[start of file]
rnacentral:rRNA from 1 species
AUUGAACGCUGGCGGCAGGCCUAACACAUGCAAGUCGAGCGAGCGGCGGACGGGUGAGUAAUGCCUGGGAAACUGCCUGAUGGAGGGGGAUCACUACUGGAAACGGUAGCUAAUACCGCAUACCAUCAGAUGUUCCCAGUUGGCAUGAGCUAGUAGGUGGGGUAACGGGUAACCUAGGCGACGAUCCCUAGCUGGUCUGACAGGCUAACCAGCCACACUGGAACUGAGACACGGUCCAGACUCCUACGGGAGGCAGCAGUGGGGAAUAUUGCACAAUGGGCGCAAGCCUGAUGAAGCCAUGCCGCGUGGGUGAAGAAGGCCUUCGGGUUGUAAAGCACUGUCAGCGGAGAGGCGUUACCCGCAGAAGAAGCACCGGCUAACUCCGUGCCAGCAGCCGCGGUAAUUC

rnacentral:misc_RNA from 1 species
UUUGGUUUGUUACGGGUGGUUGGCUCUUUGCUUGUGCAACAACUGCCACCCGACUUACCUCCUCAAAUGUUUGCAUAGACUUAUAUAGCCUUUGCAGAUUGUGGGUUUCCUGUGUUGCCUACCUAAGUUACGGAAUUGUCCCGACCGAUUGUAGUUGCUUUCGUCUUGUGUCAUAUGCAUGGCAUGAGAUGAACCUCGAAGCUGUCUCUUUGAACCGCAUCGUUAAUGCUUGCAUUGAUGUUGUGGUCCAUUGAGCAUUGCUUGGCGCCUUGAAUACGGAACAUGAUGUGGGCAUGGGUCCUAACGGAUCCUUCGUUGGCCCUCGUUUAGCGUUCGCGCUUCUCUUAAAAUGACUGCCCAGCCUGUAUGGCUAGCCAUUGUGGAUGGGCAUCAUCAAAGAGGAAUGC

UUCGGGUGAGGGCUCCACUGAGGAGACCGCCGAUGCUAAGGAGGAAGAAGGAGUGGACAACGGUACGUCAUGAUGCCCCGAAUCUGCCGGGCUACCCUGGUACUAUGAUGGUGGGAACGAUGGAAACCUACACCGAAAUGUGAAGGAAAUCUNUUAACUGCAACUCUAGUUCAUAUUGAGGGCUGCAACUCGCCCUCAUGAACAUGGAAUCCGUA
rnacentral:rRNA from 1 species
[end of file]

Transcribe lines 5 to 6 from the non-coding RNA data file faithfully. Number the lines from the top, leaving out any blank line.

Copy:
UUCGGGUGAGGGCUCCACUGAGGAGACCGCCGAUGCUAAGGAGGAAGAAGGAGUGGACAACGGUACGUCAUGAUGCCCCGAAUCUGCCGGGCUACCCUGGUACUAUGAUGGUGGGAACGAUGGAAACCUACACCGAAAUGUGAAGGAAAUCUNUUAACUGCAACUCUAGUUCAUAUUGAGGGCUGCAACUCGCCCUCAUGAACAUGGAAUCCGUA
rnacentral:rRNA from 1 species